Popular acceptance of ethical relativism may have been motivated by a legitimate desire to respect diverse viewpoints in a multicultural society. However, the purpose of ethics is not to impose values on others. It is precisely the opposite: to reach rational consensus on how we should behave, so we can live together on the same planet.

    Obtaining objectivity and consensus in ethics requires hard intellectual work, but no more so than in physics. Fortunately, tools exist for this purpose, developed by thinkers every bit as smart as Einstein. Few people, even few academics, know that these tools exist. It’s no wonder that practically everybody views rigorous ethical argument as impossible: only a tiny fraction of one percent of the population has ever seen such a thing. I didn’t see it until I was in graduate school. Given this state of affairs, how effective are we going to be at refuting racist ideology?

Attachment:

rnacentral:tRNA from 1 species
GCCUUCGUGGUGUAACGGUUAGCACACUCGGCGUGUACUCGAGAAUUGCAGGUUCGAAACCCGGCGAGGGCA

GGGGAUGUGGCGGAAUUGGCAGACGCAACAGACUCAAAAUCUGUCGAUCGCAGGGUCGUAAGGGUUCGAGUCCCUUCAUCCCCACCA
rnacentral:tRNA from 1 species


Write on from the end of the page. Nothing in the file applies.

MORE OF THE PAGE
Yes, some people will reject reason no matter what. Yet some people reject vaccines, and we develop them anyway. Medical science is widely accepted because it provides a rational framework that can take the place of superstition. We can expect little progress in ethics unless we have a similar rational framework to supplant twisted ideology. The ethical nihilism and skepticism we too often profess is not going to do the job.

    Our first maneuver in the fight against hate, then, must be a rejection of anti-intellectualism in ethics. We must build a conceptual framework and vocabulary that allows us to address ethical issues. We must learn how to state a valid argument and spot the flaws in an invalid one. I have every confidence that if we put our heads together, we can do this. This blog is part of my small contribution to the effort.

    Humans are basically rational creatures, because we have had to be rational to survive. Our prefrontal cortex evolved for this purpose. We must now reach a rational consensus on what is ethical. In today’s crowded world, our survival depends on it.